Bebtelovimab

Bebtelovimab
Monoclonal antibody
TypeWhole antibody
SourceHuman
TargetSpike protein of SARS-CoV-2
Clinical data
Other namesLY-CoV1404, LY3853113
License data
Routes of
administration
Intravenous
ATC code
  • None
Legal status
Legal status

Bebtelovimab is a monoclonal antibody developed by AbCellera and Eli Lilly as a treatment for COVID-19.[1][5][6]

Possible side effects include itching, rash, infusion-related reactions, nausea and vomiting.[1]

Bebtelovimab works by binding to the spike protein of the virus that causes COVID-19, similar to other monoclonal antibodies that have been authorized for the treatment of high-risk people with mild to moderate COVID-19 and shown a benefit in reducing the risk of hospitalization or death.[1] Bebtelovimab is a neutralizing human immunoglobulin G1 (IgG1) monoclonal antibody, isolated from a patient who has recovered from the Coronavirus disease 2019 (COVID-19), directed against the spike (S) protein of severe acute respiratory syndrome coronavirus-2 (SARS-CoV-2), that can potentially be used for immunization against COVID-19.[7]

Bebtelovimab was granted an emergency use authorization (EUA) by the US Food and Drug Administration (FDA) in February 2022.[1] The EUA for bebtelovimab is for the treatment of mild to moderate COVID-19 in people aged 12 years of age and older weighing at least 40 kilograms (88 lb) with a positive COVID-19 test, and who are at high risk for progression to severe COVID-19, including hospitalization or death, and for whom alternative COVID-19 treatment options approved or authorized by the FDA are not accessible or clinically appropriate.[1]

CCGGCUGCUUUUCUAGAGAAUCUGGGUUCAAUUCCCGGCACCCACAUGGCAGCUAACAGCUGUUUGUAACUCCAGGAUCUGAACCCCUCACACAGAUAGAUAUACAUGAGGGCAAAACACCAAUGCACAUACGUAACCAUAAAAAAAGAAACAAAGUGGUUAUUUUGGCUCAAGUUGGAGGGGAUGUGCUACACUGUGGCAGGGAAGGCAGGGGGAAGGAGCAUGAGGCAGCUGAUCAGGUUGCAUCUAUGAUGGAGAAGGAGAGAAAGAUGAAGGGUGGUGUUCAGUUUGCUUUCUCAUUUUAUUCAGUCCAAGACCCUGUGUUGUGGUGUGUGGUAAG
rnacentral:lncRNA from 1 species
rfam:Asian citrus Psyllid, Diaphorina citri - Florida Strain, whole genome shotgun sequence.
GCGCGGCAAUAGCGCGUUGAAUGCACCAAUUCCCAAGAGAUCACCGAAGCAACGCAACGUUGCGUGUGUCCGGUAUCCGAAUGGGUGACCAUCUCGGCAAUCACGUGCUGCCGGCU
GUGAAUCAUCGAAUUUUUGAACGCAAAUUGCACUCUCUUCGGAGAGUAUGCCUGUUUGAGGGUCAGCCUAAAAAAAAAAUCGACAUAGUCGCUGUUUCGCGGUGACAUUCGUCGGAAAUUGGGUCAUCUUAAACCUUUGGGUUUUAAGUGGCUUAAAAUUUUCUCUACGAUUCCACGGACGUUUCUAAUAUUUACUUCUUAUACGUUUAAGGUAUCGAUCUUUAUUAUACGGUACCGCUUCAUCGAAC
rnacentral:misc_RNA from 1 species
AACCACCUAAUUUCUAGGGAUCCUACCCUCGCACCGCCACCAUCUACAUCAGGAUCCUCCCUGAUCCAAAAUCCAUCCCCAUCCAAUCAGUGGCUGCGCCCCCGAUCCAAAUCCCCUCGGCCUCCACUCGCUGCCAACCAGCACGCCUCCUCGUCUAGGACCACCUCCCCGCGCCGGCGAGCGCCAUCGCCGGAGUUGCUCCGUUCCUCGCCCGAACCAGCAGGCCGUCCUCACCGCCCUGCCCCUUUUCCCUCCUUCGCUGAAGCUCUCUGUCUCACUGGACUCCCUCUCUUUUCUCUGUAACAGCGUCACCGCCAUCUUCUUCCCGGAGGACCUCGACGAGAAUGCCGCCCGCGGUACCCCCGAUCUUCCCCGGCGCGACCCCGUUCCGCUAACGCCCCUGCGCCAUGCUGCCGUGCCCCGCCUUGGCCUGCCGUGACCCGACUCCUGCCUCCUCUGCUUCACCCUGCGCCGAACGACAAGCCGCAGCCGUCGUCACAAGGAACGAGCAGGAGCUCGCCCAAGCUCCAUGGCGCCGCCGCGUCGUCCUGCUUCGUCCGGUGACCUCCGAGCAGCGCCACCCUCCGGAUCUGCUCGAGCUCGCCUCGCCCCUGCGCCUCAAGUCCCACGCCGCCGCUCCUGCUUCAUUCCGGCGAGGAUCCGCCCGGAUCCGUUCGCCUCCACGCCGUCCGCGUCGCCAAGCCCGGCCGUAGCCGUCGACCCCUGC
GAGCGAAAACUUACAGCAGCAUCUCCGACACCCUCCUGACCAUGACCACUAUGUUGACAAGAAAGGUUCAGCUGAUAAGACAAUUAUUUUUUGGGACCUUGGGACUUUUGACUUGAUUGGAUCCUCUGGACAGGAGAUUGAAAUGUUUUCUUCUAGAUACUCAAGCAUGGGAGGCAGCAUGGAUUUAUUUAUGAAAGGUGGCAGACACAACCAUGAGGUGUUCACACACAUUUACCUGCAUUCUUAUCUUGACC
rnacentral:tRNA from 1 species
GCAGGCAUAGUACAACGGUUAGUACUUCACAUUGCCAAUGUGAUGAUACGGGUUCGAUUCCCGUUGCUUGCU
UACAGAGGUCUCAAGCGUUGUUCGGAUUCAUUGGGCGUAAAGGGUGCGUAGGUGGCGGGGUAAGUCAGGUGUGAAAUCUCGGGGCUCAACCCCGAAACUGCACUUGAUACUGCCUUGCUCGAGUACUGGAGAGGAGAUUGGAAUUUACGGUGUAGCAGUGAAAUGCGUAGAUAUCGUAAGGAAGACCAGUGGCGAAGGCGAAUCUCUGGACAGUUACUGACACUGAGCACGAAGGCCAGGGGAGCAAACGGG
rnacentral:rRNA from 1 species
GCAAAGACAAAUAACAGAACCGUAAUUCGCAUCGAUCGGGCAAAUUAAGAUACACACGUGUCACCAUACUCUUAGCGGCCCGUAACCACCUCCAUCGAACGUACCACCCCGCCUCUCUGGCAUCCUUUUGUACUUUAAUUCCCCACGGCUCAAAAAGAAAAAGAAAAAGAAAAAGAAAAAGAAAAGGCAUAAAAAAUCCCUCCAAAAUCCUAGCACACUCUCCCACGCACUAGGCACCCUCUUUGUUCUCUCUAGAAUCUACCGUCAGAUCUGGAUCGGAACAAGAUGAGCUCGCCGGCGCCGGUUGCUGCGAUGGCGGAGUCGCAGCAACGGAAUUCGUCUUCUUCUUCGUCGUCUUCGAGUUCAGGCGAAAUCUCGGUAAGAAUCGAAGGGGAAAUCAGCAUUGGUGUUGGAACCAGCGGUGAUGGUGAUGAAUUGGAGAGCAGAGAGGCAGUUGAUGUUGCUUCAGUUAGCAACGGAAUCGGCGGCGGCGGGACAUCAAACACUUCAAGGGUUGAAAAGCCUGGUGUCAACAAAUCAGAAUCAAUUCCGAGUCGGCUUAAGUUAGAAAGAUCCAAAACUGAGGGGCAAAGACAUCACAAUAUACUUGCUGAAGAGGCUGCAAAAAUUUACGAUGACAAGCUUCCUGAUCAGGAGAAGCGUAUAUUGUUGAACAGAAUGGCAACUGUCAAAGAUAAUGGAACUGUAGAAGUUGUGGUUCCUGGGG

Bebtelovimab is not authorized for people who are hospitalized due to COVID-19 or require oxygen therapy due to COVID-19.[1] Treatment with bebtelovimab has not been studied in people hospitalized due to COVID-19.[1]

History

Bebtelovimab emerged from a collaboration between Eli Lilly and AbCellera.[5] Bebtelovimab was discovered by AbCellera and the National Institute of Allergy and Infectious Diseases (NIAID) Vaccine Research Center.[5][6]

Society and culture

Names

Bebtelovimab is the proposed international nonproprietary name (pINN).[8]

References

  1. ^ a b c d e f g h "FDA Authorizes New Monoclonal Antibody for Treatment of COVID-19 that Retains Activity Against Omicron Variant" (Press release). U.S. Food and Drug Administration (FDA). 11 February 2022. Retrieved 12 February 2022. Public Domain This article incorporates text from this source, which is in the public domain.
  2. ^ "Emergency Use Authorization (EUA) Of Bebtelovimab" (PDF). U.S. Food and Drug Administration (FDA). Retrieved 12 February 2022.
  3. ^ "Fact Sheet For Health Care Providers Emergency Use Authorization (EUA) Of Bebtelovimab" (PDF). U.S. Food and Drug Administration (FDA). Retrieved 12 February 2022.
  4. ^ "Frequently Asked Questions on the Emergency Use Authorization of Bebtelovimab for the Treatment of COVID-19" (PDF). U.S. Food and Drug Administration (FDA). Retrieved 12 February 2022.
  5. ^ a b c "Lilly's bebtelovimab receives Emergency Use Authorization for the treatment of mild-to-moderate COVID-19" (Press release). Eli Lilly and Company. 11 February 2022. Retrieved 12 February 2022 – via PR Newswire.
  6. ^ a b "AbCellera-Discovered Antibody, Bebtelovimab, Receives U.S. FDA Emergency Use Authorization for the Treatment of Mild-to-Moderate COVID-19" (Press release). AbCellera. 11 February 2022. Retrieved 12 February 2022.
  7. ^ "Bebtelovimab (Code C182122)". National Cancer Institute. Retrieved 12 February 2022. Public Domain This article incorporates text from this source, which is in the public domain.
  8. ^ World Health Organization (2021). "International Nonproprietary Names for Pharmaceutical Substances (INN). Proposed INN: List 126 – COVID-19 (special edition)". WHO Drug Information. 35 (4): 1130–1.

External links

  • "Bebtelovimab". Drug Information Portal. U.S. National Library of Medicine.
  • Clinical trial number NCT04634409 for "A Study of Immune System Proteins in Participants With Mild to Moderate COVID-19 Illness (BLAZE-4)" at ClinicalTrials.gov


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